Ghana commissions Cookstove Testing and Expertise Lab in Kumasi

Mar 31, 2015

A cookstove testing facility at KNUST for Ghana's Northern sector (Photo credit: Bossman Owusu, UNDP in Ghana)

A partnership between the United Nations Development Programme (UNDP), the Kwame Nkrumah University of Science and Technology (KNUST) and the Energy Commission of Ghana has yielded a Cookstove Testing and Expertise Laboratory to serve the Northern sector of Ghana. The facility was jointly commissioned by the Vice Chancellor of KNUST, Prof. William Otoo Ellis and the UNDP Country Director, Mr. Dominic Sam in a brief ceremony in Kumasi on Tuesday, March 31, 2015.
The laboratory, which will be operated by the Technology Consultancy Centre of the KNUST, is a major boost for Ghana’s quest to promote the manufacturing of improved cookstoves and stimulate their demand, under a UNDP partnership with the Energy Commission within the framework of the Sustainable Energy for All Initiative.

In his remarks to welcome participants to the event, the Vice Chancellor of the KNUST, Prof William Otoo Ellis, praised UNDP for providing an amount of US$ 100,000 to fund the facility. He noted that the laboratory comes at a time when Ghana is working to improve the efficiency of the more than 100,000 cookstoves distributed in the country to reduce deforestation and improve the health of consumers.
On his part, the UNDP Country Director, Mr. Dominic Sam said it is heartwarming to note that this laboratory will not only be used for testing purposes, but also, create an avenue for research and development to continually improve the design and manufacture of improved cookstoves in Ghana. He commended the KNUST and the Energy Commission for advancing an initiative that provides a solution to one of Ghana’s development challenge, saying, it demonstrates the power and value of partnerships between academia and government.

The provision of the laboratory comes on the heels of a recent study commissioned by UNDP and SNV that showed that cookstove testing facilities are not available to 47% of manufactures while the few that test their stoves do not follow any standard protocols. This facility will therefore become a central point for manufacturers, as the data generated from the tests will enable them to improve the efficiency of their stoves and expand their market.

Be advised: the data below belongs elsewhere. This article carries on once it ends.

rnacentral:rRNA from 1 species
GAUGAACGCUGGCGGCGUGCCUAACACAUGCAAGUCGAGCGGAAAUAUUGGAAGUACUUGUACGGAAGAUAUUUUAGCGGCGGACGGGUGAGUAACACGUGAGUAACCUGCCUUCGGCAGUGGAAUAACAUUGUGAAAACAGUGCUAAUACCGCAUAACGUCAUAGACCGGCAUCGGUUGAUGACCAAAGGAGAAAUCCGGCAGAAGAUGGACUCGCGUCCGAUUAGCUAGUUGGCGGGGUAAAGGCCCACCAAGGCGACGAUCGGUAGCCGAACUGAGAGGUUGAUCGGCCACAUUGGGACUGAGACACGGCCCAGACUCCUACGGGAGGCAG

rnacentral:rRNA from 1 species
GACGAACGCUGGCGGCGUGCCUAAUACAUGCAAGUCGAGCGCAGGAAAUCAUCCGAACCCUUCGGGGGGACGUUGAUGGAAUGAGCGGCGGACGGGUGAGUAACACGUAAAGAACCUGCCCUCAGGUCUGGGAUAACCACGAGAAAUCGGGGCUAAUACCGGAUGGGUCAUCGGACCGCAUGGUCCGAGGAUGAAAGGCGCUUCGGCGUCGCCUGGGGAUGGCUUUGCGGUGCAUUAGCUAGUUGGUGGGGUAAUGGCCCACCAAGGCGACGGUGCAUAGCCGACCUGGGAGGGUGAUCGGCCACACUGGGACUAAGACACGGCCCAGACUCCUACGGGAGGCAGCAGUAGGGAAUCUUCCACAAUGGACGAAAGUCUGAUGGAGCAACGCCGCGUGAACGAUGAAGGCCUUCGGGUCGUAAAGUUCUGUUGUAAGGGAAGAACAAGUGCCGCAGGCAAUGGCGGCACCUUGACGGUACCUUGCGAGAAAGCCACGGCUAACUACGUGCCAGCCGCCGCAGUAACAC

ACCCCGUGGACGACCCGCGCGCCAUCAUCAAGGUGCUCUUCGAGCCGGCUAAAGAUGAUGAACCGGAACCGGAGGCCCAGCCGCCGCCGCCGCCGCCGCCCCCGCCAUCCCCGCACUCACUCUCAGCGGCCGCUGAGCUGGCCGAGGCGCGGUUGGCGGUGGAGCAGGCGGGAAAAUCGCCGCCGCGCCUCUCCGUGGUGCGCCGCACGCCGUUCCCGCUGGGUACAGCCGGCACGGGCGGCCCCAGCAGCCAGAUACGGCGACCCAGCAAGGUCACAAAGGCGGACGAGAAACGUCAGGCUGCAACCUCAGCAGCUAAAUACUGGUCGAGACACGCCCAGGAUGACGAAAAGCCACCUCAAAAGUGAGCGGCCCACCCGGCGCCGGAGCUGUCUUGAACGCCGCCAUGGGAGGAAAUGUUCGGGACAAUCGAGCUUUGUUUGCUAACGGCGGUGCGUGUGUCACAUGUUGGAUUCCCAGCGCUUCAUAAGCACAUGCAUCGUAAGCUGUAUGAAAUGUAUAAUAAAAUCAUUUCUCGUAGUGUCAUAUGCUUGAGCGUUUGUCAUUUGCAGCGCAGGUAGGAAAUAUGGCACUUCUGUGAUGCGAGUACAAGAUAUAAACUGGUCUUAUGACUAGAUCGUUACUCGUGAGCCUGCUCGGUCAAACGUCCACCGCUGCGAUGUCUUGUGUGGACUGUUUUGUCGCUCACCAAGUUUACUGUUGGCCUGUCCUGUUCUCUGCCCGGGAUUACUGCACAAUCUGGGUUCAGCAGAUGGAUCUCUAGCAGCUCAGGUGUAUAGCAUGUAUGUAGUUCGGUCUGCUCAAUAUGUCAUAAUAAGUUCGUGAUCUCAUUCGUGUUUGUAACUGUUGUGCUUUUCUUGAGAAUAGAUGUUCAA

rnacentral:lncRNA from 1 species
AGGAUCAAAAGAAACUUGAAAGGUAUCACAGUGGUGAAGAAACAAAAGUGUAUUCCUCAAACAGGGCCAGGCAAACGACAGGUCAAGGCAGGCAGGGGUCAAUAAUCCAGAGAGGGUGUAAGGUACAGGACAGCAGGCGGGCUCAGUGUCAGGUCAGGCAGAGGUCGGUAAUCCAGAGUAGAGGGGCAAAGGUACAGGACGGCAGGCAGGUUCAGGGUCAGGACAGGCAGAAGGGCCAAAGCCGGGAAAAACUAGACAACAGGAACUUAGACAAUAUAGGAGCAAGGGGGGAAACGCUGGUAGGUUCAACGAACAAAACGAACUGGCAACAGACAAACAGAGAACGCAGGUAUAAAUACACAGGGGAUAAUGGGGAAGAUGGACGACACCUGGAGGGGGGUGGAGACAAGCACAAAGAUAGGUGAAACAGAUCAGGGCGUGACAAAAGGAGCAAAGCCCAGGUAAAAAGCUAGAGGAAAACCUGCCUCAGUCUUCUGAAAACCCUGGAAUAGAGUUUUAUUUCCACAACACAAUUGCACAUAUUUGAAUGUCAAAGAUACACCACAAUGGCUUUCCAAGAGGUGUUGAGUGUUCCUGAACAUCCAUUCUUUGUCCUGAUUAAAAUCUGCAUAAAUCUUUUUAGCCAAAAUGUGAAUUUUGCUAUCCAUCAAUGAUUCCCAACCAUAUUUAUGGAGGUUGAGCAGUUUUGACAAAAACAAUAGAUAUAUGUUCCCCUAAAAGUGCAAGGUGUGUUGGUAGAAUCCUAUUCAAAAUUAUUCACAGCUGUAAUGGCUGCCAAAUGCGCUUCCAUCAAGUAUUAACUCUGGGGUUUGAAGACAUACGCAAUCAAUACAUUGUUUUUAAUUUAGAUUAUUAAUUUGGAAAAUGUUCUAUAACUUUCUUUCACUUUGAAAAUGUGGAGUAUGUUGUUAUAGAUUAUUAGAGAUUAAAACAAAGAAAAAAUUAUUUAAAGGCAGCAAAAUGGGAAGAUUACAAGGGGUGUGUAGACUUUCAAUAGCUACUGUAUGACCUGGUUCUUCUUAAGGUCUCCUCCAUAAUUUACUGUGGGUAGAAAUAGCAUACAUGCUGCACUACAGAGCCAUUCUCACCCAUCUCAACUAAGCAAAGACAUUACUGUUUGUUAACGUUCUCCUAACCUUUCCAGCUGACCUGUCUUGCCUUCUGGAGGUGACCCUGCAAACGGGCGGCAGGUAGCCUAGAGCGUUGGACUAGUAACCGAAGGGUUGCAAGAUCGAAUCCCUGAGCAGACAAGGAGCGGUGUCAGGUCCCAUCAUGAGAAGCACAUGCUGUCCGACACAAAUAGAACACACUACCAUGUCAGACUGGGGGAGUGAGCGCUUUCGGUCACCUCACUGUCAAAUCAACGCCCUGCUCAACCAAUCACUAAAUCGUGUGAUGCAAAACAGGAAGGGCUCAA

Mr. Otu Danquah of the Energy Commission urged manufacturers of cookstoves in the Northern sector to take advantage of the presence of the laboratory to test their wares to assure that they meet the required standards for both local and global markets.

The Cookstove Testing and Expertise Laboratory is expected to encourage the deployment of 5 million clean and improved cook stoves and its adoption by 4 million households in Ghana by 2020, in line with the target set by the Ghana Alliance for Clean Cookstoves.
Currently, UNDP is supporting the Ghana Standards Authority to develop technical standards to regulate the thermal and energy efficiency of stoves, as well as the indoor air pollution. A labelling scheme will be designed to clearly inform consumers about the quality and safety of the cookstoves. However, the Provost of the College of Engineering noted that the right regulatory framework and enforcement should be put in place to encourage manufacturers to submit their cookstoves for testing. Without that, he added the laboratory will not be able to serve its intended purpose. 

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